From the Vo Trong Nghia Architects: “People in Mekong Delta, with an average income under $100 per month mainly live in cheap temporary houses. Ironically, poor structures result in high maintenance fee.”
Therefore, low-cost but permanent house is an urgent social issue in the region.
The aim was to provide a stable but lightweight, permanent but easy-to-build 30 sq m home within a budget of $4,000 for families in Tân An, Long An Province.
Nipa palms are abundant in the Mekong Delta, and in harmony with the surroundings.
And they are almost free.
Similarly, polycarbonate panels are inexpensive, yet allow some natural light to enter.
And lastly, because waterways are the dominant transportation in Mekong Delta, light frames were needed for families to transport the parts by boat.
Vo Trong Nghia Architects have created successful mass produceable $4,000 houses for the DIY builder.
Walk in closer and you realize the green wall surrounds the house on the other side of the living room.
Now the interior is bright and open and cooled by the greenery without.
The glorious house in Thảo Điền, District 2, Ho Chi Minh, Vietnam is by MM++ architect.
The vertical garden extends the surrounding vegetation onto the walls and makes the house disappear into the landscape.
A secluded outdoor shower is set on soft white marble absorbing the sunlight.
The green walls on both sides create private and blissfully serene bedrooms and bathrooms while allowing natural ventilation.
The house was renovated from a “pastiche” art deco villa into a contemporary villa with clean lines and open spaces while keeping the existing concrete structure.
By saving money by keeping the original concrete structure, it was possible to add new elements to the construction.
Instead of the glaring sunlight now it is dappled by extensive trellises.
And by using abundant growing life as part of the architectural composition, the structure is reshaped, but also the house is now cooled.
It is an architectural technique well suited to the local ecosystem.
The lines of the original art deco house have been extended by new portico supporting the green wall.
Now the formerly tacky architecture has been refined to its most minimal expression and has become a well-proportioned composition of a simple white cube with two vertical walls of vegetation, bringing it closer to nature.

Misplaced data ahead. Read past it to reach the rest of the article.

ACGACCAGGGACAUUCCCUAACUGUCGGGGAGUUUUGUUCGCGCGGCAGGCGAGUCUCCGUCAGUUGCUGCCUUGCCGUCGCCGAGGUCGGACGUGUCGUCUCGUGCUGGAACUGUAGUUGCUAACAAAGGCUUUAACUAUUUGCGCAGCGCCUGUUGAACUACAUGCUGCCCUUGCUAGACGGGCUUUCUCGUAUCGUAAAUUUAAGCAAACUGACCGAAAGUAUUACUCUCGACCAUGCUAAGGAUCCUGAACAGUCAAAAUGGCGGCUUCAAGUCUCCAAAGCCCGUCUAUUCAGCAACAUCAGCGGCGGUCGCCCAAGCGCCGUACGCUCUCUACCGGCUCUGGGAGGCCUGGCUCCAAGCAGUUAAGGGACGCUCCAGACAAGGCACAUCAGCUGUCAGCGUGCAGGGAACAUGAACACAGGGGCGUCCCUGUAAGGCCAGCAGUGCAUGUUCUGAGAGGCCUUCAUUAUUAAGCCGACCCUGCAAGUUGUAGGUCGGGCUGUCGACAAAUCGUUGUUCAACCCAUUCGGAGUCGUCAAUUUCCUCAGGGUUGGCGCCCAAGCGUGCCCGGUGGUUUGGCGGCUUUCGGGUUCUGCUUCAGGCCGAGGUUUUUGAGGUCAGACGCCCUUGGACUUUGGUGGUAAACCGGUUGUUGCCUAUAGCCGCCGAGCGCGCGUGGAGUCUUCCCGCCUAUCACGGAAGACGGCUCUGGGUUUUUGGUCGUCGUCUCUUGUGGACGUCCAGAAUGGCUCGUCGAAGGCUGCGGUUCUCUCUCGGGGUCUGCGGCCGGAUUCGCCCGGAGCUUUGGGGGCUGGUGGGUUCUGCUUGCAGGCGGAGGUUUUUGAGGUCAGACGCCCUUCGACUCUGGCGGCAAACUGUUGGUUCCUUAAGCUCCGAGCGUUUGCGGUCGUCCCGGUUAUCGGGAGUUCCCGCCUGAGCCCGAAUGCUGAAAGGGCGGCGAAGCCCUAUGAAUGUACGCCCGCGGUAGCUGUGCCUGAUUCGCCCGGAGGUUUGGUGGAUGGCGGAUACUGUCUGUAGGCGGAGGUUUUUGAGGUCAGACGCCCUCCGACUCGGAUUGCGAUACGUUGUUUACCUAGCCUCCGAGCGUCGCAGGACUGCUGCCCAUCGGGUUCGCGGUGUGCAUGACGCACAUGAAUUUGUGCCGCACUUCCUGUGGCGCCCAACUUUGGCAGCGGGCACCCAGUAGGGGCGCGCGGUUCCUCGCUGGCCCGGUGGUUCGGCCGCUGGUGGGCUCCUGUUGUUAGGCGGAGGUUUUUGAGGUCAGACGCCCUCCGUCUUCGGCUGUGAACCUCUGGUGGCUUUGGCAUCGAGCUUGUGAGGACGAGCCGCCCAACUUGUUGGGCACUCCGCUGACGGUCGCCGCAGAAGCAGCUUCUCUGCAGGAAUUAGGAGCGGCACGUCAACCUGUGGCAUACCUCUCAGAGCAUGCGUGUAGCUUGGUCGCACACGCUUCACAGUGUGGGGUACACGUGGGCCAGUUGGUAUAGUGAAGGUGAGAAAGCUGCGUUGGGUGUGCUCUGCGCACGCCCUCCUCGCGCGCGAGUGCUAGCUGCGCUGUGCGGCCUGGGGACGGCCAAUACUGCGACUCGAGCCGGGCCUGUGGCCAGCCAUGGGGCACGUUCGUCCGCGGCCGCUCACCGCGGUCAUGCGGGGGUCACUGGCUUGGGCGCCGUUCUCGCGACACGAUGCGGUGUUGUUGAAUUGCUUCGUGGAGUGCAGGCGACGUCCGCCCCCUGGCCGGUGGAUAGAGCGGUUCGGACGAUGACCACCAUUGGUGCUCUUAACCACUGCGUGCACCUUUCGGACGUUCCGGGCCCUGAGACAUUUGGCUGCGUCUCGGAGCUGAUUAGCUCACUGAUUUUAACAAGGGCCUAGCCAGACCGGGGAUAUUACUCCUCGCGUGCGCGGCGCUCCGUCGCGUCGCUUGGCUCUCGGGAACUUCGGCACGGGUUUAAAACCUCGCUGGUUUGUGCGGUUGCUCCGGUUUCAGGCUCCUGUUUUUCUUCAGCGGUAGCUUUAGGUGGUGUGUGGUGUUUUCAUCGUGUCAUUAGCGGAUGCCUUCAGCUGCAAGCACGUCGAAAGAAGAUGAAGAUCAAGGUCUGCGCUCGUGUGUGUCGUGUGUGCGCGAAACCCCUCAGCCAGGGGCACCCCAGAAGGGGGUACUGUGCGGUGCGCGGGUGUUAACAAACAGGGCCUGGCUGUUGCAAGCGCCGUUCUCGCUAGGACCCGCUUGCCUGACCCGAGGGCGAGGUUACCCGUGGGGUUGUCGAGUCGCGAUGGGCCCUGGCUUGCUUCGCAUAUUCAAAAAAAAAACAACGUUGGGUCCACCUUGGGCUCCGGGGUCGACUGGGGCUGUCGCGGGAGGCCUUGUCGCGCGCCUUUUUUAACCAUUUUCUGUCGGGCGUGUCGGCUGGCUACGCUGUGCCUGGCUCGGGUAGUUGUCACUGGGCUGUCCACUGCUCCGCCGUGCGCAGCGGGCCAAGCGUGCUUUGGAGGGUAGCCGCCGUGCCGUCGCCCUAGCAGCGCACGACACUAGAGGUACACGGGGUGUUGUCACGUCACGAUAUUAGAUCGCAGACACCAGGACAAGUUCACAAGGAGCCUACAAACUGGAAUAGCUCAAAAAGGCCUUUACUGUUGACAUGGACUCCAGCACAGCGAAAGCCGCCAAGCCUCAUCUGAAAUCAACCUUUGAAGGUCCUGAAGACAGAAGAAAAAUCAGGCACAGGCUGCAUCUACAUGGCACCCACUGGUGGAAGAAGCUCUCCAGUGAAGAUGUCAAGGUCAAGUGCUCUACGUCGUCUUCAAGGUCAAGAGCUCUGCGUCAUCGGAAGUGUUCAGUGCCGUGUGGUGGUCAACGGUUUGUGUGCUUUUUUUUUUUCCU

In our last post, we talked about trends that we expect to remain strong through 2016. Now it’s time to turn our attention to looks and ideas that are fading out of favor. Here are five design trends that will be ebbing away in 2016.
1). Rigorously mid-century modern interiors are out.
For a time, we became obsessed with the Mid-Century Modern era, to the point that at times it seemed that nothing but Charles Eames and George Nelson furniture was allowed into our homes.Well, we’ve all become a bit bored by that look. True, in the beginning it was a fresh response to overstuffed, over-cluttered decor, but it eventually became so overused as to become clinically predictable.
What’s in: eclectic interiors that mix eras and styles.
There’s no reason to have our creativity limited to one era when there is so much to choose from!
2. Overstuffed and over-cluttered decor.
Although we’re loosening up on the Mid-Century look, the truth is that we all have so much access to stuff and distractions that we’re looking to create an island of serenity and tranquility at home. That means we’re letting go of unnecessary baubles and objects and paring down.
What’s in: warm minimalism. We are looking to keep things simple but comforting, with texture, light, wood and special touches.
3. A Predominance of Solids.
Of course solid color fabrics will always remain the basis of decor, but more of us are looking to mix up that look by using patterns in places where we may have once hesitated.
What’s in: Animal prints, tropical prints, ethnic patterns and designs on couches, chairs, rugs and curtains. Just stay away from Chevron!
4. Completely naked windows.
No one wants yards upon yards of fabric hung around windows, collecting dust and blocking sunlight. And yet, the trend in recent years has taken many people in the opposite direction — no curtains or window treatments at all.
What’s in: Minimal, ethereal and organic shades and simple panels that provide privacy and block sun glare without suffocating a room in fabric.
5. Mirrored Furnishings.
For a while, the Hollywood “regency” look took the design world by storm, but we all must have realized that mirrored dressers and bedside tables was not a look that would last.
What’s In: A mix of wooden and metal furniture.
Other trends on their way out:
- Desks in kitchens.
- Over the range microwaves.
- Whirlpool bathtubs.
- Tiled countertops.
- “Faux” anything.